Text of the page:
Wednesday, August 27, 2008

Conflicting Claims on the Kashmir Question

I was intrigued by two contrasting articles in the current issue of Frontline. One by Praveen Swami analyzing the historical political currents in J&K notes that the National Conference (NC) led by Sheikh Abdullah played on communal sentiments as much as other parties and is as responsible for the communal divide between Jammu and Kashmir as the others. A second by Noorani portays the late Sheikh as the epitome of transparency and statesmanship who was deeply wronged by Nehru. Historical perspective apart, Noorani insists on tying the J&K problem to Nehru's treatment of Abdullah. He claims that this slight was never forgiven by the people of that state and the road ever since his imprisonment in 1953 on trumped-up charges has gone steadily downhill.

Noorani has made this point in articles many times before. He routinely insists on tying the latest Kashmiri uprising to perceived slights of the past. This is something the NC leadership also claims - Farooq Abdullah used to throw a similar charge at New Delhi when he was the CM and I would not be surprised if Omar now asserts the same. But beyond the NC faithful, do the Kashmiri streets hold such a feeling? There is no evidence of that which makes it hard to take this view seriously. Also, one must not forget that J&K politics has taken several turns over the course of the last six decades. The NC under Abdullah which held out for a negotiable version of azadi for a long time through the '50s and '60s made its peace with India in 1975 when Sheikh Abdullah signed the Kashmir accord with Indira Gandhi. In what has been termed a completely free election, the NC under his leadership also won the subsequent assembly election in 1977 - the idea that the 1975 accord had no popular legitimacy at that time is debunked by this fact.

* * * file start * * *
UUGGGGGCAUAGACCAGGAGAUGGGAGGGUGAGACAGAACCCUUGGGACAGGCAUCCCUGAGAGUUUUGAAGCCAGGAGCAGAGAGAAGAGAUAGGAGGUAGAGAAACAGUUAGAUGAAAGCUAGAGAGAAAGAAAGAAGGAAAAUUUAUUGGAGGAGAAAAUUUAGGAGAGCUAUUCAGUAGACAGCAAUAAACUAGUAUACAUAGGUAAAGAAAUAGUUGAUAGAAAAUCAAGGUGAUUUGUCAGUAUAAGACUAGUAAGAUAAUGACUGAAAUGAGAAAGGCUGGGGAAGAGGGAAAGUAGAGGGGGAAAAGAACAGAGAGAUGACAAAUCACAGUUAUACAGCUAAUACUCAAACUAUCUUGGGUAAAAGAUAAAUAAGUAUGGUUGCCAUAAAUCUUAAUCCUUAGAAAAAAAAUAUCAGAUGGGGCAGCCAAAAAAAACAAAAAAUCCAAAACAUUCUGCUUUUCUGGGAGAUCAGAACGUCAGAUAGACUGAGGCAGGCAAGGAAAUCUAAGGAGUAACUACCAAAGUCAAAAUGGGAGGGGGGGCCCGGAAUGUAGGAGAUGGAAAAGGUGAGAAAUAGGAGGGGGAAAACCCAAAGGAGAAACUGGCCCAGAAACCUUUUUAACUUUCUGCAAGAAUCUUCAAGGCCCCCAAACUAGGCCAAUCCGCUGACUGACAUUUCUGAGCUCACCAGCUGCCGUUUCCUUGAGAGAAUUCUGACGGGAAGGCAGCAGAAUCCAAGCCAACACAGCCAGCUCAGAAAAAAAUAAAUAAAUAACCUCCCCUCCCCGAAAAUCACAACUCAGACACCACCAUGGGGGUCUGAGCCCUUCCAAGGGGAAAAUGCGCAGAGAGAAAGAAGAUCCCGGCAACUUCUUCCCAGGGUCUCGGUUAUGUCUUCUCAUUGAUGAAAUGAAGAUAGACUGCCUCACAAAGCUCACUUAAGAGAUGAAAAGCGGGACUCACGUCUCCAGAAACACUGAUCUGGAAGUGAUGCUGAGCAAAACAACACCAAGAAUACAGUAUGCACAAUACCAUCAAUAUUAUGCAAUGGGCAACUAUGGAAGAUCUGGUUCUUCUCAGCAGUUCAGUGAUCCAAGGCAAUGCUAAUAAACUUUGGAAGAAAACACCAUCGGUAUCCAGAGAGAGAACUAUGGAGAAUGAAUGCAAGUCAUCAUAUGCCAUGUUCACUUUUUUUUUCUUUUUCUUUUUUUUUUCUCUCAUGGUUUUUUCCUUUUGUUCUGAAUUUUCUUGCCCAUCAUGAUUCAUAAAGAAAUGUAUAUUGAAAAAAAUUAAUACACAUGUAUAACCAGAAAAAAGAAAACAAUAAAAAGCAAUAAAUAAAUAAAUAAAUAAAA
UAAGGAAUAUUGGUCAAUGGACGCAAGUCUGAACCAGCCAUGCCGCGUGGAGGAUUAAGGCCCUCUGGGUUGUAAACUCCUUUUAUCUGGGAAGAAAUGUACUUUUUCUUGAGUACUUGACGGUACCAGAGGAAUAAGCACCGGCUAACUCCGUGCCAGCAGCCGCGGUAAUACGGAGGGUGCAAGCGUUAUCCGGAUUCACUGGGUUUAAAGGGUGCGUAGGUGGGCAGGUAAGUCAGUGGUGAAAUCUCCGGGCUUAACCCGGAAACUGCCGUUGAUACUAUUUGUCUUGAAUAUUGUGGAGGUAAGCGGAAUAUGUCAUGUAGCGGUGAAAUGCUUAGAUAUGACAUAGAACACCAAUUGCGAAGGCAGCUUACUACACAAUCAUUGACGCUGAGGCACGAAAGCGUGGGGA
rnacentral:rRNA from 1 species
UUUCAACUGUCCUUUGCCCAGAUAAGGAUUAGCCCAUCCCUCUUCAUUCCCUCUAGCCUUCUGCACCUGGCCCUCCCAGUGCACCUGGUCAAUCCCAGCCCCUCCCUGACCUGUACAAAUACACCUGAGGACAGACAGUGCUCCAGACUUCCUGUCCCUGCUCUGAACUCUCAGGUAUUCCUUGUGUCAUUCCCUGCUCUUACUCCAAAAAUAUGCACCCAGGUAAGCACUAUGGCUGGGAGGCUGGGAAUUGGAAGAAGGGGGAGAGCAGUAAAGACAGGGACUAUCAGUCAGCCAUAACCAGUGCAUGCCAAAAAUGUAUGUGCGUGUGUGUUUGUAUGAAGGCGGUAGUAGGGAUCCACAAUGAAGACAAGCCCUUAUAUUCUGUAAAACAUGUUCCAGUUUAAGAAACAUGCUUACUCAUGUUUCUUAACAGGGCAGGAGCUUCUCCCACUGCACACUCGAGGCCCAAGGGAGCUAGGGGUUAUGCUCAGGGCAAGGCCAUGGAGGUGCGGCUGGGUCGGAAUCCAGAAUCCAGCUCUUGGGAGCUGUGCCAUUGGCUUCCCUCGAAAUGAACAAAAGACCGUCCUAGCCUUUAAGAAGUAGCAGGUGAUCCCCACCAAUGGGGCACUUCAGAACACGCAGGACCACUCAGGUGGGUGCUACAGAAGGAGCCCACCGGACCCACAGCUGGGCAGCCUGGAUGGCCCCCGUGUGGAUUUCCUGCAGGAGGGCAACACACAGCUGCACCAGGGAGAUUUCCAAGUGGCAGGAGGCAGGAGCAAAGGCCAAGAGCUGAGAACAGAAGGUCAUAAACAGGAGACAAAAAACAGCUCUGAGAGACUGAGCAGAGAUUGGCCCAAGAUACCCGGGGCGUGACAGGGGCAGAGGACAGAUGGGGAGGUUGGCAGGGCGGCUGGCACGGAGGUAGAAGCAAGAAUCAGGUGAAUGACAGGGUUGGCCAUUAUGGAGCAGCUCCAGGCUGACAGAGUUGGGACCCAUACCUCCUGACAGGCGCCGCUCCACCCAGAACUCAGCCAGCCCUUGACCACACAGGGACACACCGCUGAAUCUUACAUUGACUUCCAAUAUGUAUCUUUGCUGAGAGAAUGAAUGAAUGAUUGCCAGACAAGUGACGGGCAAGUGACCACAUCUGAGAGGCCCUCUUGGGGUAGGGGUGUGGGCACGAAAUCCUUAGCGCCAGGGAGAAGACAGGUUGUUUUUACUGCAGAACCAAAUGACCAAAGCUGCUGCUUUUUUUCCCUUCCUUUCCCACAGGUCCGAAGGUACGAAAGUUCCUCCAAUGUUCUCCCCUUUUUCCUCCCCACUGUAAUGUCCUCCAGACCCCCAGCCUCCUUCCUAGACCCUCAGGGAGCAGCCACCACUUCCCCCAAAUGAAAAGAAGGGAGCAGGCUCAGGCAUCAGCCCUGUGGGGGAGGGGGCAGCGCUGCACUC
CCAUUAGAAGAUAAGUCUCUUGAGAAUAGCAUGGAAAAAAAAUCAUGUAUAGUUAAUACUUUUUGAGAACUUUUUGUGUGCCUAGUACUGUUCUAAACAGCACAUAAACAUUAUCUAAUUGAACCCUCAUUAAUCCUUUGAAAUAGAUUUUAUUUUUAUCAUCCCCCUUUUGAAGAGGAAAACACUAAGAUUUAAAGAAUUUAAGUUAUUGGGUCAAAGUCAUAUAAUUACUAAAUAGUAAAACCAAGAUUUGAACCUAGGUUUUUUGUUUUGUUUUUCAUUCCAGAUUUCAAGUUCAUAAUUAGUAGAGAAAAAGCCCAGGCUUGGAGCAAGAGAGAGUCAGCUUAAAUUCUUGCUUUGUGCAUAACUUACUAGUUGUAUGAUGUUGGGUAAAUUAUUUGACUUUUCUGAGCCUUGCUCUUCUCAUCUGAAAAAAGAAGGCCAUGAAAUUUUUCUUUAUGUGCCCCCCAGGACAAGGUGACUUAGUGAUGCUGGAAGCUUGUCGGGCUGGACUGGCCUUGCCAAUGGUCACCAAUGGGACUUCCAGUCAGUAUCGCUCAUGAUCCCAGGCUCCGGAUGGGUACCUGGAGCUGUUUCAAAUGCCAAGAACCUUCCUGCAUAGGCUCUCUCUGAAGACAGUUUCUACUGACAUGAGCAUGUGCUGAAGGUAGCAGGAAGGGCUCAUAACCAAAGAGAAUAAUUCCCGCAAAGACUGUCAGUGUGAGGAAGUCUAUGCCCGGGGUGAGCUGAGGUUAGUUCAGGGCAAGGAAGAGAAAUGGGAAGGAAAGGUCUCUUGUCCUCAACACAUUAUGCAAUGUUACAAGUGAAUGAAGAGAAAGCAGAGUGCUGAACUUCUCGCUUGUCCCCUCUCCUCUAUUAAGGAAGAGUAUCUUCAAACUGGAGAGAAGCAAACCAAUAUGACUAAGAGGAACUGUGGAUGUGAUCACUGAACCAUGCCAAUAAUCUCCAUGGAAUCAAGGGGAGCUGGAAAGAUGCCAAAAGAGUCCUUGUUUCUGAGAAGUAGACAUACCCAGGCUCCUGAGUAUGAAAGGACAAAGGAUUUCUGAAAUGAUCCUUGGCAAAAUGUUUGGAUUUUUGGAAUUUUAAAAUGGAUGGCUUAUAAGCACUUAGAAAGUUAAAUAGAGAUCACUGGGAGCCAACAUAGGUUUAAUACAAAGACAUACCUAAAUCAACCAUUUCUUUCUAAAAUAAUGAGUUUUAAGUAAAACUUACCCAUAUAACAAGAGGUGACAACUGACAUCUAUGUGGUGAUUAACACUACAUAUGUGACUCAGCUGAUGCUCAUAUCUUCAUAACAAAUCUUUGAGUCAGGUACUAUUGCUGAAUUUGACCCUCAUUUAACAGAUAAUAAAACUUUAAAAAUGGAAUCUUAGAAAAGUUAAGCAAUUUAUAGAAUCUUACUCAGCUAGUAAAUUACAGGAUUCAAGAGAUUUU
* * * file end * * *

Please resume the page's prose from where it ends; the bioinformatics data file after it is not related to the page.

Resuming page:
The accord however did not end the movement for azadi: while it allowed the mainstream NC to settle down to business as usual, it forced the opposition to offer a more extreme version of azadi repudiating the association with India. As the violence escalated towards the end of the '80s, the agenda of the opposition was steadily galvanized by the backing of the various militant outfits. Not surprisingly, the demand for azadi, always latent and implicit in the accord itself, got a new lease of life. The current struggle being led by the Hurriyat thus has its origin in the non-NC opposition. Geelani and co. care little about the compromises the NC made and are anxious to undo them. They are not particularly bothered by what happened to Sheikh Abdullah even if they are willing to deploy his treatment as a rhetorical point. The idea that Abdullah's shoddy treatment has left open a wound that now festers is a figment of Noorani's imagination - it was sutured and closed in 1975 and has given no further cause for trouble ever since. What we have now is a new wound that, despite being relatively disinfected, has turned into an abscess and continues to plague the body. It remains to be seen whether the UPA will manage to drain it and restore normalcy or will allow the past to be repeated albeit in a new form with a different set of actors.

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